The September issue of Vanity Fair hits stands as royal baby fever is still in the air. And the cover features a royal, but not the one everyone's talking about. It's Princess Diana, with the cover line "Diana's True Love."
The story is new, supposedly; it deals with the late Princess's love affair with Pakistani heart surgeon Hasnat Khan. But how new can it really be when the poor woman died 16 years ago? This is the second late star who's been on the cover this year; the May cover model was Audrey Hepburn. In the last five years, there have been eleven dead folks on the cover of VF:
- Audrey Hepburn, May 2013
- Marilyn Monroe, June 2012
- Marilyn Monroe, November 2010
- Grace Kelly, May 2010
- Jackie O, October 2009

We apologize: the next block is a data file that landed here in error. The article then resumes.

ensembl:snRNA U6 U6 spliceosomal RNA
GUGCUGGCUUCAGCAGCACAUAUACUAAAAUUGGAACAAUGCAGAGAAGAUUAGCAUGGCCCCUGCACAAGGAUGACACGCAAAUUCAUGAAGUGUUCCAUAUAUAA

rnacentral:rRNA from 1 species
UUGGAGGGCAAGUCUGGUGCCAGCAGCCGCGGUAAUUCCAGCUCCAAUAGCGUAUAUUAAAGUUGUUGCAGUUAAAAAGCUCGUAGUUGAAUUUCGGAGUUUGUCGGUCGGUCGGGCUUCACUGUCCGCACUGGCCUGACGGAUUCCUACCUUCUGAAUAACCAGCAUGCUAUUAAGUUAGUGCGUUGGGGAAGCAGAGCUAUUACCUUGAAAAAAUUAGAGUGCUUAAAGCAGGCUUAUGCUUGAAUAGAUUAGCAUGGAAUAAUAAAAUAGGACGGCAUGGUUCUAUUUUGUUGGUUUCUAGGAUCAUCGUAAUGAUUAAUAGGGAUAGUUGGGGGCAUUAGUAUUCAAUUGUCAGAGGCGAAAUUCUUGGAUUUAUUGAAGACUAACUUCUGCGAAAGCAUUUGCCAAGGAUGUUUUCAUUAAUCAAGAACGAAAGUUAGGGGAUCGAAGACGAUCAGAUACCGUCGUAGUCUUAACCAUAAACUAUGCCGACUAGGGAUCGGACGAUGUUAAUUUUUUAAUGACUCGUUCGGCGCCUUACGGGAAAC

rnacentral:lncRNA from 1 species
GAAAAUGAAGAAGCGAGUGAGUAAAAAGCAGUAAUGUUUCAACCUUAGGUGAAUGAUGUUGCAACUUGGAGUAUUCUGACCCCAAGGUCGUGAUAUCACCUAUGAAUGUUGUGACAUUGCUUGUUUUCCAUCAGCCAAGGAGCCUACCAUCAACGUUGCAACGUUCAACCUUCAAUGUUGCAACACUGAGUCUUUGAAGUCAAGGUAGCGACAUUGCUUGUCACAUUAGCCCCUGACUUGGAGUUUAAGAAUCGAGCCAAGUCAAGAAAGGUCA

- Farrah Fawcett and Michael Jackson, September 2009
- Marilyn Monroe, October 2008
- Bobby Kennedy, June 2008
- Jackie O and JFK, November 2007
For some reason, the magazine will not let the deceased rest in peace. Especially Marilyn Monroe.
This cover is kinda sorta tied to the movie Diana, starring Naomi Watts, which hits theaters in September. Apparently the film deals with the last two years of Diana’s life "and specifically her relationship with Khan, who has not cooperated with the filmmakers."
Still. Seems like a strange choice. Last year Vanity Fair’s September issue featured Kate Middleton, and sold 401,247 copies, making it the year's best-selling issue. Since the mag has no problem repeating cover subjects — and K. Middy is having another big year — she probably would have been better. Is there a clamoring for another Princess Diana cover? Is it all all possible that VF readers are as nostalgic and death-obsessed as the editors? Should VF rebrand itself as Dead Icons Monthly?